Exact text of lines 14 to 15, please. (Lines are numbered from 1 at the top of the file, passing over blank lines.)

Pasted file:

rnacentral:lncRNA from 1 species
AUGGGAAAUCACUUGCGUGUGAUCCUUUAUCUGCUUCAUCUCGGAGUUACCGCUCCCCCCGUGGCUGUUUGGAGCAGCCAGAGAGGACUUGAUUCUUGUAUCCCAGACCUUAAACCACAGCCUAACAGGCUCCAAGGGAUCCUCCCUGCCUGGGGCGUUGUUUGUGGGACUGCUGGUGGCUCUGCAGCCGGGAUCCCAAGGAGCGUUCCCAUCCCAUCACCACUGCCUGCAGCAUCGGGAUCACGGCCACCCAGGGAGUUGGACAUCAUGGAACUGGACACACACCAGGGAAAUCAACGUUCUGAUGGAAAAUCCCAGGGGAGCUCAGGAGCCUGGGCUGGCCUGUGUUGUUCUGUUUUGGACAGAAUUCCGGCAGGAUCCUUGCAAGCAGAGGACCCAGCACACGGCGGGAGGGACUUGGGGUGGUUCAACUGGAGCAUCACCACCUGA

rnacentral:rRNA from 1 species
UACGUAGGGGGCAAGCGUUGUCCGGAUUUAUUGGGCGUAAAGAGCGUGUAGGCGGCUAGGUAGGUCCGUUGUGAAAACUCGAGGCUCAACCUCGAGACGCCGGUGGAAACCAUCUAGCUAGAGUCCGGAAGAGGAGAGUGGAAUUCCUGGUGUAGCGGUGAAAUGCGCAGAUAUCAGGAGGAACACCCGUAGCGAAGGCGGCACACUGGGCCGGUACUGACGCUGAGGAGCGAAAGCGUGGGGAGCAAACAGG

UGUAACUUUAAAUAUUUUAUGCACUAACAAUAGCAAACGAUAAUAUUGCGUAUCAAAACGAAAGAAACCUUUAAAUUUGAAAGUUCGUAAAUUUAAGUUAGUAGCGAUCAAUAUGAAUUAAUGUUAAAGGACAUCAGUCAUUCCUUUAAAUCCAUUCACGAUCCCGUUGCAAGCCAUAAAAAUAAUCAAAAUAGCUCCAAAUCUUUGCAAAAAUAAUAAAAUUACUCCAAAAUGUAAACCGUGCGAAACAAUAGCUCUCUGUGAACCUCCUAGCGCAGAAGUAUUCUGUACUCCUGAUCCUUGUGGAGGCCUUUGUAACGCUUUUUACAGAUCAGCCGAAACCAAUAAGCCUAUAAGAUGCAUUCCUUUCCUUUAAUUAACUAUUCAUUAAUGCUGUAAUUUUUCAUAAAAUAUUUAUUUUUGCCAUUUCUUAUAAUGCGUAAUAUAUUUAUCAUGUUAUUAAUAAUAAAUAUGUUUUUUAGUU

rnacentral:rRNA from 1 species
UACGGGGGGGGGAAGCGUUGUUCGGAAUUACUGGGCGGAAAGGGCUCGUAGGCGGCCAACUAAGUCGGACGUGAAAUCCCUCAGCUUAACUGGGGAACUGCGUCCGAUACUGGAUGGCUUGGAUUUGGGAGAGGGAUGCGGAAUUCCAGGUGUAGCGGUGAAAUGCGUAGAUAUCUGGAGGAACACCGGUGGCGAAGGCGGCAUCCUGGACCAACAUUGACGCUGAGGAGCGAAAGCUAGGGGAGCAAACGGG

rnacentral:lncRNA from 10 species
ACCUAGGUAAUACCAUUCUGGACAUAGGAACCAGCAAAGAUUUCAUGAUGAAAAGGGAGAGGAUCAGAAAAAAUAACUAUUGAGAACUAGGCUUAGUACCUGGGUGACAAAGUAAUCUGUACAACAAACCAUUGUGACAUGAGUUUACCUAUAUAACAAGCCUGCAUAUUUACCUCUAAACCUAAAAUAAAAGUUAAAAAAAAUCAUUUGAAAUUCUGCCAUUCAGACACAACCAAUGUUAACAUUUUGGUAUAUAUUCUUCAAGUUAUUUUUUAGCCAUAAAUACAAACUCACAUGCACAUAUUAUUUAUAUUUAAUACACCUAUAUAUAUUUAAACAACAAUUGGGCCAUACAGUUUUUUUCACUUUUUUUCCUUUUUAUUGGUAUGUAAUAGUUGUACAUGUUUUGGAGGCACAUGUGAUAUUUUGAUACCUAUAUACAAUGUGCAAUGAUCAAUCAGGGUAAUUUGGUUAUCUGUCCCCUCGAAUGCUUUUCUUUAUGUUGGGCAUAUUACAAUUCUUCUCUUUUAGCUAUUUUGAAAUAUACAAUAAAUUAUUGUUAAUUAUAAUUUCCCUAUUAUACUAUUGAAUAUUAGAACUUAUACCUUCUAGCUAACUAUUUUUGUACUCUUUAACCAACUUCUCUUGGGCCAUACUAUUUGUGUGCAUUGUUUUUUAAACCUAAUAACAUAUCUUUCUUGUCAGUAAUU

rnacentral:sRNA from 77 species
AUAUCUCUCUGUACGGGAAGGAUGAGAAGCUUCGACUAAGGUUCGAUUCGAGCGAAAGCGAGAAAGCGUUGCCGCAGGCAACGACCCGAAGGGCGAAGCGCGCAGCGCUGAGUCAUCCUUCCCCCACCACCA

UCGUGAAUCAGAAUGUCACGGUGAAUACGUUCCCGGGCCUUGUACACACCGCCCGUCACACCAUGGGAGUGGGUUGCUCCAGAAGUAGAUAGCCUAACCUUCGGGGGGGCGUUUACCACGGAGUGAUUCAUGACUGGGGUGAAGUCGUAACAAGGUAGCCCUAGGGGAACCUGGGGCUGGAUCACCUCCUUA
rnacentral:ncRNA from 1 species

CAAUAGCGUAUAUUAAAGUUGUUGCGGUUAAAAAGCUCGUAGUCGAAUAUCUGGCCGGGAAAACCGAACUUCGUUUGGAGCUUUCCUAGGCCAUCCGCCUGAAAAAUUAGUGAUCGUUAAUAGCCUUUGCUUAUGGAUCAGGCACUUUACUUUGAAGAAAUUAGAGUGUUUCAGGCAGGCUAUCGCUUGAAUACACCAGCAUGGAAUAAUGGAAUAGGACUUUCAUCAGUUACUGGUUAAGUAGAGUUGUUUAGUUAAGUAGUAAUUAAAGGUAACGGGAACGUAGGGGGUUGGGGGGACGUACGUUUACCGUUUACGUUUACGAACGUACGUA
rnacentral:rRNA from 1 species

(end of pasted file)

CAAUAGCGUAUAUUAAAGUUGUUGCGGUUAAAAAGCUCGUAGUCGAAUAUCUGGCCGGGAAAACCGAACUUCGUUUGGAGCUUUCCUAGGCCAUCCGCCUGAAAAAUUAGUGAUCGUUAAUAGCCUUUGCUUAUGGAUCAGGCACUUUACUUUGAAGAAAUUAGAGUGUUUCAGGCAGGCUAUCGCUUGAAUACACCAGCAUGGAAUAAUGGAAUAGGACUUUCAUCAGUUACUGGUUAAGUAGAGUUGUUUAGUUAAGUAGUAAUUAAAGGUAACGGGAACGUAGGGGGUUGGGGGGACGUACGUUUACCGUUUACGUUUACGAACGUACGUA
rnacentral:rRNA from 1 species